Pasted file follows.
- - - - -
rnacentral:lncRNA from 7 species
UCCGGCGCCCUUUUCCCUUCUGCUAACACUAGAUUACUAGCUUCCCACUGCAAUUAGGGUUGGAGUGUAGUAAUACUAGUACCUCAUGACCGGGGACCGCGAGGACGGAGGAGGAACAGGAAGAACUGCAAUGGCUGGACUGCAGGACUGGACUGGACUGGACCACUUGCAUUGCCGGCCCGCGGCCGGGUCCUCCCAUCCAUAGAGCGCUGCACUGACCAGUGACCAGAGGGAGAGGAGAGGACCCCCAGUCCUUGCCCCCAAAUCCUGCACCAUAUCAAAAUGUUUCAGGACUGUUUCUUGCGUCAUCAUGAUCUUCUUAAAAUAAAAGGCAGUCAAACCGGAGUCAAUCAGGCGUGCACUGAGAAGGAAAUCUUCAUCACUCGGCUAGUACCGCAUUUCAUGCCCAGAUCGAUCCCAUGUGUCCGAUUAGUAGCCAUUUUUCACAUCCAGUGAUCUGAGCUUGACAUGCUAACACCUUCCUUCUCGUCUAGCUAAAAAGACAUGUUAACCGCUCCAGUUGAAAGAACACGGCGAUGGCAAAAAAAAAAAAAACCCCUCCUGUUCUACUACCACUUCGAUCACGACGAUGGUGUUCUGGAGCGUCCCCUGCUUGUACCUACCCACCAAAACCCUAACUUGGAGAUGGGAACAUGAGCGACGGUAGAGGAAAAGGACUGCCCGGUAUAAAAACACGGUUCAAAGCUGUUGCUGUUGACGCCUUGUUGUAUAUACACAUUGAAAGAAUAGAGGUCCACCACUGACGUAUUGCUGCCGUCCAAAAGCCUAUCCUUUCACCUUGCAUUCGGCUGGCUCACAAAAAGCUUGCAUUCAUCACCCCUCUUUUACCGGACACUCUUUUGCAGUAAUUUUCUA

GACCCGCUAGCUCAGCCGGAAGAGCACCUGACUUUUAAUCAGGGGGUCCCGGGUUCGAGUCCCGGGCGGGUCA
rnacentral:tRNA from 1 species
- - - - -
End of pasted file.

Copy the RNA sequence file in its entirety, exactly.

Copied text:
rnacentral:lncRNA from 7 species
UCCGGCGCCCUUUUCCCUUCUGCUAACACUAGAUUACUAGCUUCCCACUGCAAUUAGGGUUGGAGUGUAGUAAUACUAGUACCUCAUGACCGGGGACCGCGAGGACGGAGGAGGAACAGGAAGAACUGCAAUGGCUGGACUGCAGGACUGGACUGGACUGGACCACUUGCAUUGCCGGCCCGCGGCCGGGUCCUCCCAUCCAUAGAGCGCUGCACUGACCAGUGACCAGAGGGAGAGGAGAGGACCCCCAGUCCUUGCCCCCAAAUCCUGCACCAUAUCAAAAUGUUUCAGGACUGUUUCUUGCGUCAUCAUGAUCUUCUUAAAAUAAAAGGCAGUCAAACCGGAGUCAAUCAGGCGUGCACUGAGAAGGAAAUCUUCAUCACUCGGCUAGUACCGCAUUUCAUGCCCAGAUCGAUCCCAUGUGUCCGAUUAGUAGCCAUUUUUCACAUCCAGUGAUCUGAGCUUGACAUGCUAACACCUUCCUUCUCGUCUAGCUAAAAAGACAUGUUAACCGCUCCAGUUGAAAGAACACGGCGAUGGCAAAAAAAAAAAAAACCCCUCCUGUUCUACUACCACUUCGAUCACGACGAUGGUGUUCUGGAGCGUCCCCUGCUUGUACCUACCCACCAAAACCCUAACUUGGAGAUGGGAACAUGAGCGACGGUAGAGGAAAAGGACUGCCCGGUAUAAAAACACGGUUCAAAGCUGUUGCUGUUGACGCCUUGUUGUAUAUACACAUUGAAAGAAUAGAGGUCCACCACUGACGUAUUGCUGCCGUCCAAAAGCCUAUCCUUUCACCUUGCAUUCGGCUGGCUCACAAAAAGCUUGCAUUCAUCACCCCUCUUUUACCGGACACUCUUUUGCAGUAAUUUUCUA

GACCCGCUAGCUCAGCCGGAAGAGCACCUGACUUUUAAUCAGGGGGUCCCGGGUUCGAGUCCCGGGCGGGUCA
rnacentral:tRNA from 1 species